Posts

Antigu na Estorian Guinaiya

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 Earlier this year, for the website I Sakman I Fino'-ta , I began writing a semi-weekly creative story in the Chamoru language. I've always wanted to try writing a romance story in Chamoru, and this was my first mixed attempt at doing so. I have enjoyed it, but I've found myself struggling with how I've read hundreds of romance stories in English, but none in Chamoru and this affects everything from the plot, to the metaphors, to the culture involved. It has been a struggle at times gi minagahet. I am up to part 11 at present. Head to the site itself to read them all as well as articles in Chamoru from a wide variety of speakers/writers. But for now, here is the first installment. ******************* HACHA   “Nobia kahulo’ Ya fa’gåsi i matå-mu Sa’ u fåtto i nobio-mu Ya lini’e’ ni churå-mu”   Ginen i mames na guinife-ña, si Maria ha hungok este na kånta gi bos nanå-ña.   Gi guinife-ña, umasodda’ siha yan i guinaiyå-ña gi halom un guma

Adios Tun Adriano

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  Last month, Tun Adriano Baza Pangelinan, a pioneering Chamoru artist and former professor at UOG passed away. I met Tun Adriano many times over the years, primarily when I was an art major at UOG. Tun Adriano was always an intimidating figure. My art professors such as the late Joe Babauta and Ric Castro, were both confident and outspoken, but became very circumspect and respectful when Tun Adriano was around. He wasn't the first Chamoru to paint or draw in a modern sense, but he was one of the first Chamoru artists to blend artistic styles from famous European movements like Fauvism and Impressionism with local culture and life. That blending and refusal to accept binary choices was pioneering. It wasn't too long ago that Chamorus felt that in order to achieve anything in life they need to give up their culture, their heritage, their island. This was part of how the United States entered into Guam, filling the island with demoralizing ideas in that wha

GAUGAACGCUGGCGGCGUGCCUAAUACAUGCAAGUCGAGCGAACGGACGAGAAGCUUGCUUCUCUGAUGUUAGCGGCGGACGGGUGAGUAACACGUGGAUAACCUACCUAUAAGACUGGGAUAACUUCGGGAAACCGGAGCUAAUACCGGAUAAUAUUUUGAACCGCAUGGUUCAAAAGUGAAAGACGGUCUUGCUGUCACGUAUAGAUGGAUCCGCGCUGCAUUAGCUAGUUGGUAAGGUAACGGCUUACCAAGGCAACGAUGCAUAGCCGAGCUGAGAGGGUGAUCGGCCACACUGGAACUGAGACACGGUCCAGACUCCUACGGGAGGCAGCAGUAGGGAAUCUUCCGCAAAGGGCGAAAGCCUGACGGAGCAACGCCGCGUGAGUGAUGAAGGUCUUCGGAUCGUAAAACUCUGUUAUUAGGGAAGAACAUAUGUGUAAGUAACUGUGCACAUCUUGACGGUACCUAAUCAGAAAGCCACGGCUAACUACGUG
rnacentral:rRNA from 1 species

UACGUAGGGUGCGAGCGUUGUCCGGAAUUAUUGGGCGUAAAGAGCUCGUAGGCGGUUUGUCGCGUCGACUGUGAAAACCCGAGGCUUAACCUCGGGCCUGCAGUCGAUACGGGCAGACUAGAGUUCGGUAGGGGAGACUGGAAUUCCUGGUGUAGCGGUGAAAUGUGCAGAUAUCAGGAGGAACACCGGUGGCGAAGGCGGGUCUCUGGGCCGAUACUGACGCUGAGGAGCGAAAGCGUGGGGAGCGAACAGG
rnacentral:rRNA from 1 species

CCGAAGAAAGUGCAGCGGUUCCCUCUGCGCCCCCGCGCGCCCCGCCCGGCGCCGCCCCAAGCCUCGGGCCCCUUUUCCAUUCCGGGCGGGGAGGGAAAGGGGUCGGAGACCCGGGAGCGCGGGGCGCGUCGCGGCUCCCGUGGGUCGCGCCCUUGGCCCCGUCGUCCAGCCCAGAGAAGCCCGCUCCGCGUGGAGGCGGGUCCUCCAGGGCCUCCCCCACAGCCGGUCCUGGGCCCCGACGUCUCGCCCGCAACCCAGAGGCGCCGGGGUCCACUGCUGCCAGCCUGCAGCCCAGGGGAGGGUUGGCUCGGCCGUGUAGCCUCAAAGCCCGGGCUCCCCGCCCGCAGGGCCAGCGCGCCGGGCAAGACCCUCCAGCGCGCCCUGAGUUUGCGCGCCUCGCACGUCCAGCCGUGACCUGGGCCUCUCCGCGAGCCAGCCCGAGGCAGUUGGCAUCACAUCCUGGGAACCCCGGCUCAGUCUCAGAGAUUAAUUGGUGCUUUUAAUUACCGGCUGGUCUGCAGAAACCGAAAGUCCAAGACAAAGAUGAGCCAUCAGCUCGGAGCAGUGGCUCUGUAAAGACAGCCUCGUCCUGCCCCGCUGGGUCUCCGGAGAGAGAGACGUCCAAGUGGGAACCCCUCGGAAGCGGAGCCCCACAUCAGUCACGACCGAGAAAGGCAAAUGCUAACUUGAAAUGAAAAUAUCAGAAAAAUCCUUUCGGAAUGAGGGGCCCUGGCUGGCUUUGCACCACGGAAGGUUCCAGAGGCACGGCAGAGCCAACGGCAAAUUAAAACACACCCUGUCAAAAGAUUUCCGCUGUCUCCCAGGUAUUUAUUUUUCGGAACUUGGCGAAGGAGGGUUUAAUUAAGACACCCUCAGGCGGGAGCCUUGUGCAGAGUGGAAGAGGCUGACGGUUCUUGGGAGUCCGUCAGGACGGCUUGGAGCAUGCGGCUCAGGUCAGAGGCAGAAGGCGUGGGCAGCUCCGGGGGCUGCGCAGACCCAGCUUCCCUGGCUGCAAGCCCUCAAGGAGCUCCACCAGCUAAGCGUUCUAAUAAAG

Tinestigu-hu

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My testimony give last week to the United Nations Committee of 24 Regional Seminar on Decolonization held in St. Lucia. ***************** A Growing Foundation, but still an Uncertain Future for Guam’s Quest for Decolonization Michael Lujan Bevacqua, Ph.D. Co-Chair, Independent Guåhan Curator, Guam Museum   Si Yu’os Ma’åse na makombibida yu’ mågi ta’lo para bai hu saonao gi este matua na dinanña’. Gi tinestigu-hu på’go, bai hu sangåni hamyo put i halacha na hiniyong gi islå-ku yan i kinalamten-måmi para in gi’ot i direchon-måmi komo taotao.    Your Excellency Chairwoman Keisha McGuire, distinguished delegates, representatives and experts from fellow Non-Self-Governing Territories, I am honored to be here again speaking before you on the topic of Guam and its continuing quest for decolonization. I also want to thank the government and people of Saint Lucia for hosting us on their beautiful island.    In my statements today, I want to provide updates on important work that has been taking

Remembering My Year in Atåte